East China Sea EEZ disputes

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There are disputes between China, Japan, and South Korea over the extent of their respective exclusive economic zones (EEZs) in the East China Sea.

The dispute between the People's Republic of China (PRC) and Japan concerns the different application of the 1982 United Nations Convention on the Law of the Sea (UNCLOS), which both nations have ratified.[1] China proposed the application of UNCLOS, considering the natural prolongation of its continental shelf, advocating that the EEZ extends as far as the Okinawa Trough.[2][3] Its Ministry of Foreign Affairs has stated that "the natural prolongation of the continental shelf of China in the East China Sea extends to the Okinawa Trough and beyond 200 nautical miles from the baselines from which the breadth of the territorial sea of China is measured,"[2] which is applicable to the relevant UNCLOS provisions that support China's right to the natural shelf.[2][3] In 2012, China presented a submission under the UNCLOS concerning the outer limits of the continental shelf to the UN.[4][5] Japan, based on UNCLOS, proposed the Median line division of the EEZ.[6]

View of East China Sea from Yeliou, Taiwan

Under the United Nations' Law of the Sea, the PRC claims the disputed ocean territory as its own Exclusive Economic Zone (EEZ) due to its being part of PRC's natural extension of its continental shelf, while Japan claims the disputed ocean territory as its own EEZ because it is within 200 nautical miles (370 km) from Japan's coast, and proposed a median line as the boundary between the EEZ of China and Japan. About 40,000 square kilometres (15,000 square miles) of EEZ are in dispute. China and Japan both claim 200 nautical miles (370 km; 230 mi) of EEZ rights, but the East China Sea width is only 360 nautical miles (670 km; 410 mi). China claims an EEZ extending to the eastern end of the Chinese continental shelf (based on UNCLOS III) which goes deep into the Japanese's claimed EEZ.[7]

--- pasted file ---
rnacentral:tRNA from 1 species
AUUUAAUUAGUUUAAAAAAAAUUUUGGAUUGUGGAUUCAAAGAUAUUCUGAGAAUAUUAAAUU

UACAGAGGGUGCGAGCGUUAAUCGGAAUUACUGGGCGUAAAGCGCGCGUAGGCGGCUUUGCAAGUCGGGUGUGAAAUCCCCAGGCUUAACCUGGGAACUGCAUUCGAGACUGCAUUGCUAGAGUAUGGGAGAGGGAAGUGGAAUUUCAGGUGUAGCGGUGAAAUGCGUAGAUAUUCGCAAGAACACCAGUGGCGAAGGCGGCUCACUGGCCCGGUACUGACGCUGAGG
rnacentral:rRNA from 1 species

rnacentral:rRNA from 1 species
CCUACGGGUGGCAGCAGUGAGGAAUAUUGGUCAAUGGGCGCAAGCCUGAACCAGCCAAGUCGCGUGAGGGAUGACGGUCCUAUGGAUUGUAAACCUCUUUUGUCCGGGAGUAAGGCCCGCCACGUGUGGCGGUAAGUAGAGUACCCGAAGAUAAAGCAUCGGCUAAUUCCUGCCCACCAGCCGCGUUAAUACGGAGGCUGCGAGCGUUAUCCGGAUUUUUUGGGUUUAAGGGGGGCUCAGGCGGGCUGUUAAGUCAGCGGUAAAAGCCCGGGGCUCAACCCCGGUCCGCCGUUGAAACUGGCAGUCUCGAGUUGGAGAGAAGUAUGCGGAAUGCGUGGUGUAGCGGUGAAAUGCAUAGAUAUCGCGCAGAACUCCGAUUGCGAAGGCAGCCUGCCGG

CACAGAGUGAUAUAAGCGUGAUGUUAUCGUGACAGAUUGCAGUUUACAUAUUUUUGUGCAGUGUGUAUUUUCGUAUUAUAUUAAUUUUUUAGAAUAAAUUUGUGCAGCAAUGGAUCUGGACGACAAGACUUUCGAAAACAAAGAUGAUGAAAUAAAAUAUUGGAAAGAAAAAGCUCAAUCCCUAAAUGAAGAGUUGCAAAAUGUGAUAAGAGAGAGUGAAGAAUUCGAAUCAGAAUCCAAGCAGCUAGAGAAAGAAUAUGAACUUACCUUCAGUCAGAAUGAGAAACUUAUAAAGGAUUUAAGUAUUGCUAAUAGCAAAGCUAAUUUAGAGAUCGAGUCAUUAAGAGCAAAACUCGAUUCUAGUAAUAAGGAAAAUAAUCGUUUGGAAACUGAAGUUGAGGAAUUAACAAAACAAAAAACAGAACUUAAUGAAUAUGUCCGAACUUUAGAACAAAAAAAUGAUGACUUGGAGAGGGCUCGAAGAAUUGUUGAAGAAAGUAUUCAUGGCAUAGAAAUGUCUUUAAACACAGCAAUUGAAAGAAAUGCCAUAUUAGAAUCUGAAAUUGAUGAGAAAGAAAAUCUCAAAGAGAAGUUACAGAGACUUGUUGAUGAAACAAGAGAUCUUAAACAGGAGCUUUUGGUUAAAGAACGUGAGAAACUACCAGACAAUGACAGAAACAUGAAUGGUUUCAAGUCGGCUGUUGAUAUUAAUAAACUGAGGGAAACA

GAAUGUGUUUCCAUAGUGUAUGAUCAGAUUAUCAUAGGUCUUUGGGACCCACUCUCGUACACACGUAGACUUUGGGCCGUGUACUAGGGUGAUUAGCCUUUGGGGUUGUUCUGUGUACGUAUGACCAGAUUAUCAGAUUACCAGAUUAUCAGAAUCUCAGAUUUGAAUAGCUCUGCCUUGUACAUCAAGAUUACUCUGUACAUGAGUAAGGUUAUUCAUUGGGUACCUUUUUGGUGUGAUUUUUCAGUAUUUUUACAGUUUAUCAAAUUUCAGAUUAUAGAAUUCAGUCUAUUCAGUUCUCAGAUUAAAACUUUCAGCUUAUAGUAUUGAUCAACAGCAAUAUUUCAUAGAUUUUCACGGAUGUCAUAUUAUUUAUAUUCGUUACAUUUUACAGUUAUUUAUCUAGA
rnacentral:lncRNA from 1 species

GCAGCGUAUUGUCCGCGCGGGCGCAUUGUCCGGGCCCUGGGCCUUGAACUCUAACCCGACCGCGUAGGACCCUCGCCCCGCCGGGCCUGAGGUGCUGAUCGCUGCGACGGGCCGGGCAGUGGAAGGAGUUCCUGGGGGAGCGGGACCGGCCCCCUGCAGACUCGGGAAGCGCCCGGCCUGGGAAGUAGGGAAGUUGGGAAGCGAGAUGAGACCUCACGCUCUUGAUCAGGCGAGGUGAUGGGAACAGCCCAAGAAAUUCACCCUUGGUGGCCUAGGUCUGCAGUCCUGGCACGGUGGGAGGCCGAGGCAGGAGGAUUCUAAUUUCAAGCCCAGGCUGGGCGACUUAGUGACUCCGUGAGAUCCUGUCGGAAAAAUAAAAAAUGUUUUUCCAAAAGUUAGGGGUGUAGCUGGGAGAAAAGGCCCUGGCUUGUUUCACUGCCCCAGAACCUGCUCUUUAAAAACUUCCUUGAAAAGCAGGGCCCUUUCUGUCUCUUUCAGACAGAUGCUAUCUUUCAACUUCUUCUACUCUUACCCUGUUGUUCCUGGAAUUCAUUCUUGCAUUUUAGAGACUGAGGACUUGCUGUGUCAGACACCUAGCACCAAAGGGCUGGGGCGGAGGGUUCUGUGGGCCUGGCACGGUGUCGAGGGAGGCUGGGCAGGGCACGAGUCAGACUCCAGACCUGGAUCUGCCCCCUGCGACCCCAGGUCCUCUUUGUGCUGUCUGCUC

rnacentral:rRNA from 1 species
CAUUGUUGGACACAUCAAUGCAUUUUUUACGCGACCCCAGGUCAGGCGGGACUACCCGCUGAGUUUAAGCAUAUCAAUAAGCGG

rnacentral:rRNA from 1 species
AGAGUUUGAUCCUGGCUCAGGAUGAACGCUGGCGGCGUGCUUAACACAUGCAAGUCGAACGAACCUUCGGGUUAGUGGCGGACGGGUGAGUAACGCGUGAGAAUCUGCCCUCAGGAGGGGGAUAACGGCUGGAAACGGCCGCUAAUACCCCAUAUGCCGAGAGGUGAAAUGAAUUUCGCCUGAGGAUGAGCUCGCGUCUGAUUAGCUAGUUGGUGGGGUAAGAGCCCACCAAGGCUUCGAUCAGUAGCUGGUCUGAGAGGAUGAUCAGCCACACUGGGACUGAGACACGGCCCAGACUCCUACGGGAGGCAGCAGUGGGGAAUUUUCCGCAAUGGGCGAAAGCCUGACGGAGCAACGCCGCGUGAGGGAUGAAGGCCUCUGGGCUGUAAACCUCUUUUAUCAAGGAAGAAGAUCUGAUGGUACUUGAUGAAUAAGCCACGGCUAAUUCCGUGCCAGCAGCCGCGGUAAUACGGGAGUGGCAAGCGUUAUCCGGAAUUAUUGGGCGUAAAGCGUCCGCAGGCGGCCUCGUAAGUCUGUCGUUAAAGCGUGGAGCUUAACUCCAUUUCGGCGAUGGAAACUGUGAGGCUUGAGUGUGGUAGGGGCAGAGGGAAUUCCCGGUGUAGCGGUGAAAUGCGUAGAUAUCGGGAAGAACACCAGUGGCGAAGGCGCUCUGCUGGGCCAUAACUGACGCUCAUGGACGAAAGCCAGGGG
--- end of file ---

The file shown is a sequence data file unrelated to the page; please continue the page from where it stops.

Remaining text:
In 1995, the People's Republic of China (PRC) discovered an undersea natural gas field in the East China Sea, namely the Chunxiao gas field,[8] which lies within the Chinese EEZ while Japan believes it is connected to other possible reserves beyond the median line.[9] Japan has objected to PRC development of natural gas resources in the East China Sea near an area where the two countries Exclusive Economic Zone (EEZ) claims overlap. The specific development in dispute is the PRC's drilling in the Chunxiao gas field, which is located in undisputed areas on China's side, three or four miles (6 km) west of the median line proposed by Japan. Japan maintains that although the Chunxiao gas field rigs are on the PRC side of a median line that Tokyo regards as the two sides' sea boundary, they may tap into a field that stretches underground into the disputed area.[10] Japan therefore seeks a share in the natural gas resources. The gas fields in the Xihu Sag area in the East China Sea (Canxue, Baoyunting, Chunxiao, Duanqiao, Wuyunting, and Tianwaitian) are estimated to hold proven reserves of 364 BCF of natural gas. Commercial operations began 2006. In June 2008, both sides agreed to jointly develop the Chunxiao gas fields.[10][11]